On the other hand many Mormons who use this site tend to be both inexperienced and unfortunately incompetent. There is also a competitive aspect that comes into quite a few of the problems. People who think that taking a huge number of names to the temple for ordinances is a good thing or who think that indexing as many images as possible is a good thing or who think that their version of their ancestral line must be correct, despite no source citations and reliance on family legends are an absolute nightmare to deal with. The name horders and index-at-all costs folks think that volume is the important metric, rather than volume tempered with quality. They plough through and ignore pretty much any and all good, standard genealogical practices. That is either because they don't know about those practices or they actually choose to ignore them. Those who think that their version of their ancestral line must be correct, despite no source citations and reliance on family legends, tend to be naive. Unfortunately there is no good mechanism for teaching these individuals how to do proper genealogy and for slowing them down on the site until they know how to use it properly.

    So essentially your diagnosis of the problem is incorrect and therefore any proposed solution utilising that diagnosis of the problem is also incorrect. This is an open-edit website. Whilst I do think that there are circumstances that justify putting hurdles in the way of new users getting complete open-edit access (such as requiring a user to pass a test before they are allowed to edit things before the start of the 19th century), I do believe that there should be a reasonably easy route to enable full open-edit access. Of much more use is shutting down any possibility of automatic mass additions to the site (GEDCOM import). In other words every addition to the site must be done manually. It is still possible to very quickly add very extensive new material to the site entirely manually. There have been occasions where I have added tens of new profiles to the site in a few minutes using census records for example.
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    • Yes to a point, what I'm saying is that, people who have family trees on Ancestry are adding that same family tree to the FamilySearch website a lot of people have just copied their trees and information without sourcing on Ancestry and making another family tree without sourcing on FamilySearch.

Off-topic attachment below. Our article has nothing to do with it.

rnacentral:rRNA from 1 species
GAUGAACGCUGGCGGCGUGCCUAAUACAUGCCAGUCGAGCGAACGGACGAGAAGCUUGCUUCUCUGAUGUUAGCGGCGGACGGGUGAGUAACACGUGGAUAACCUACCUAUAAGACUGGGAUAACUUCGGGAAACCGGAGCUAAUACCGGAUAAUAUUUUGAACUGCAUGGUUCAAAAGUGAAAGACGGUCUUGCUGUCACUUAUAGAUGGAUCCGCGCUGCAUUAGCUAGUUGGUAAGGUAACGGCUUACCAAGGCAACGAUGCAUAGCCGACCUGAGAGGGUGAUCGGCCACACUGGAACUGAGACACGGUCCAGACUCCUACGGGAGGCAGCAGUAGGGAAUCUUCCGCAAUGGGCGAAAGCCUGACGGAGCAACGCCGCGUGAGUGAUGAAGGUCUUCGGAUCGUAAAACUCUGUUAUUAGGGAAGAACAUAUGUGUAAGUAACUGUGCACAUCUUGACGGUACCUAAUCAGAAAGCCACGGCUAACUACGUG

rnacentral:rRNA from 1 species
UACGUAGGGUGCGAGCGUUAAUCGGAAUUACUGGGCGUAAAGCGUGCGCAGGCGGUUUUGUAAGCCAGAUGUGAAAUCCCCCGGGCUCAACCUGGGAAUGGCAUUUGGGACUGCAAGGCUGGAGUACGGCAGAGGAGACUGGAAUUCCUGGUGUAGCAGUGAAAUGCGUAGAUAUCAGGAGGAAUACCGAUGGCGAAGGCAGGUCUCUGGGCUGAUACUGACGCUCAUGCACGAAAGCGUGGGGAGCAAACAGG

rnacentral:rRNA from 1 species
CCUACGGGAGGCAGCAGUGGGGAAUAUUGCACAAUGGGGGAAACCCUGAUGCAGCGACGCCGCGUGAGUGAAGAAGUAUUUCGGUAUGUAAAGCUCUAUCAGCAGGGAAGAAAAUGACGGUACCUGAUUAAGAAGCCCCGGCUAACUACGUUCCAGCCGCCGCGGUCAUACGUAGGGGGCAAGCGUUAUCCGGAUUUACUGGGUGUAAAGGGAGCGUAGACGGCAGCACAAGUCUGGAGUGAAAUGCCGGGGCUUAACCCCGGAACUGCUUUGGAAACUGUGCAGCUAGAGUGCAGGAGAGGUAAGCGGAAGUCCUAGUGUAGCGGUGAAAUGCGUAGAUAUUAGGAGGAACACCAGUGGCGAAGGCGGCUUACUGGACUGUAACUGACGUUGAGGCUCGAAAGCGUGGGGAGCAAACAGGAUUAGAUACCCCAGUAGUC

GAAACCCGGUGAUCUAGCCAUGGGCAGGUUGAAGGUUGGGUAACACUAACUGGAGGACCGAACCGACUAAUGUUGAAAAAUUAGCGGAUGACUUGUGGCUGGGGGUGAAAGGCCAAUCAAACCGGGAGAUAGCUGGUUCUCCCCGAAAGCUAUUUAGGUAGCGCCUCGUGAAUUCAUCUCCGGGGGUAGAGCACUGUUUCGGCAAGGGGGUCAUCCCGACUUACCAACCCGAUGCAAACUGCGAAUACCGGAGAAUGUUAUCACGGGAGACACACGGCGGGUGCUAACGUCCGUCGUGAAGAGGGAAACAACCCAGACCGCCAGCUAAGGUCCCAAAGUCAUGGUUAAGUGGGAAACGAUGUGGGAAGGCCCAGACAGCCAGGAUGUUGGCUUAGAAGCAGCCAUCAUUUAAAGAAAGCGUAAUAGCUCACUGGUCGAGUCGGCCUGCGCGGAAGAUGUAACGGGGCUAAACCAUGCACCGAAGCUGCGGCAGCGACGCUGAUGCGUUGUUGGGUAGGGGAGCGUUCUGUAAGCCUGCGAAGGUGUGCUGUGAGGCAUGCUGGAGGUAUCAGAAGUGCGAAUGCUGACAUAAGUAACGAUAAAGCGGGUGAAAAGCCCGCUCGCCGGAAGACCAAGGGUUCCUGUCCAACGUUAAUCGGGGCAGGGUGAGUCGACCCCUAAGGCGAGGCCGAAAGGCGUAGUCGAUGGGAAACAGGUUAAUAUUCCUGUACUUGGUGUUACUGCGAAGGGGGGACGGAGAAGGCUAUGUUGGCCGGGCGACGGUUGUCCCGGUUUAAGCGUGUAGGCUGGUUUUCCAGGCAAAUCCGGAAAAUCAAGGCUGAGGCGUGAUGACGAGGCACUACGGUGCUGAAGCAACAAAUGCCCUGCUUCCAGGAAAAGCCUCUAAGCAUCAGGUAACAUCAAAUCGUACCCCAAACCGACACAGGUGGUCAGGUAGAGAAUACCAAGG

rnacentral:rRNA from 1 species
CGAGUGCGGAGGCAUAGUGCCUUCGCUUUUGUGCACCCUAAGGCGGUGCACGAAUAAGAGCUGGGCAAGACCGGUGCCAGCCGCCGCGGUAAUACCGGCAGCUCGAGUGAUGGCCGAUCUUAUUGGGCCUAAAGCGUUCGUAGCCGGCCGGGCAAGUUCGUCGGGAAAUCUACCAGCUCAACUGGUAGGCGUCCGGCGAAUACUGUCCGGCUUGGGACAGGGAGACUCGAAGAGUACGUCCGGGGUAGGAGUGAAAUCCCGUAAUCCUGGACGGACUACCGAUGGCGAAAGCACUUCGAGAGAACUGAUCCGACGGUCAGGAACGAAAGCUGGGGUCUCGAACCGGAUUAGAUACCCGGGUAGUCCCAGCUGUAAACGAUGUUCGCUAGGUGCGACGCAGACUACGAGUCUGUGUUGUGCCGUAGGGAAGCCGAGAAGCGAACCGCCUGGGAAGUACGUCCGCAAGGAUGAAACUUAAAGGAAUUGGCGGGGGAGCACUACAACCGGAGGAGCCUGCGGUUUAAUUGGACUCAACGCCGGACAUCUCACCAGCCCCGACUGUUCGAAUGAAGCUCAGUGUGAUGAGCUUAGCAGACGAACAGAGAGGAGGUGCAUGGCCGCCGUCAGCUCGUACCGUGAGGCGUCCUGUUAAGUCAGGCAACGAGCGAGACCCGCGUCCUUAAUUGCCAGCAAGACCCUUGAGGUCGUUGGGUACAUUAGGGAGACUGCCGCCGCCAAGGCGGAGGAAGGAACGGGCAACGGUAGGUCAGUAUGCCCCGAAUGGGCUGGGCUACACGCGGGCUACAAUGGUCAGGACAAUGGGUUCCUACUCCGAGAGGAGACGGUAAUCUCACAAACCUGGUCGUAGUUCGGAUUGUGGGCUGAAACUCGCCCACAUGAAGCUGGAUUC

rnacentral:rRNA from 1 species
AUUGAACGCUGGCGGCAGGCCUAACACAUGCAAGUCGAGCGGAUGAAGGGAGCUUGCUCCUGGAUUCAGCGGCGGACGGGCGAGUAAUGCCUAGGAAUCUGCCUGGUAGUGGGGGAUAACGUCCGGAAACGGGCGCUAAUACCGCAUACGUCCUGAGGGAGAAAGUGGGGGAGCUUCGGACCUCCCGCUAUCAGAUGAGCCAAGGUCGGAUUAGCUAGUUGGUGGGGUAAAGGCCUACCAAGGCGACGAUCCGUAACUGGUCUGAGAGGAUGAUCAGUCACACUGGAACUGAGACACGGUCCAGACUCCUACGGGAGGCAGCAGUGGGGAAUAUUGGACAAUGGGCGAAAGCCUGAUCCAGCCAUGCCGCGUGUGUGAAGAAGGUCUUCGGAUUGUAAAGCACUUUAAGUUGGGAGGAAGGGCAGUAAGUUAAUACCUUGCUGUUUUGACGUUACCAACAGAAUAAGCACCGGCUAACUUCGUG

• Ancestry has absolutely nothing to do with it what I was referring to. I was talking about FSFT and its users.

      A quote you use is very revealing, "The “diagnosis” as you put it of my problem is a fact, people are changing my tree information, diagnosis is not needed in my case." You refer to my tree in that quote. On Ancestry unless you invite someone as an editor they literally can't change your tree. FSFT on the other hand does not have "my" tree or "your" tree with the small exception of the private area each user has for living individuals. So your problem actually doesn't exist in the way you have expressed it. On Ancestry your problem cannot happen because you control who has edit permissions. On FSFT your problem cannot happen because where you are claiming the problem is does not actually exist.

      Doing something because it is a religious belief says nothing about the competence with which the task is undertaken. It speaks more to the zeal with which the task is undertaken. As I said if a member of the general public uses FSFT they tend to have self-selected. They have an interest in genealogy and thus will be more likely to have read and studied about it and learn how to do it properly before they will even have come across FSFT. That is not the case on Ancestry, but that is because Ancestry has a much, much higher profile than FSFT with the general public. You do not see FSFT adverts on TV or in the cinema. You DO see Ancestry adverts in those environments. So Ancestry attracts people from the general public who are both competent and incompetent. Both the competent and the incompetent will have heard of it.

      Now on A van Helsdingen's question about competency of Ancestry users v competence of FSFT users, I'd say that there are a sufficiently low number of non-Mormon users of FSFT that the Mormon users overwhelmingly set the state of the population of users. Given that is the case I would say that actually the general user population of Ancestry and the general user population of FSFT are about the same level of competence.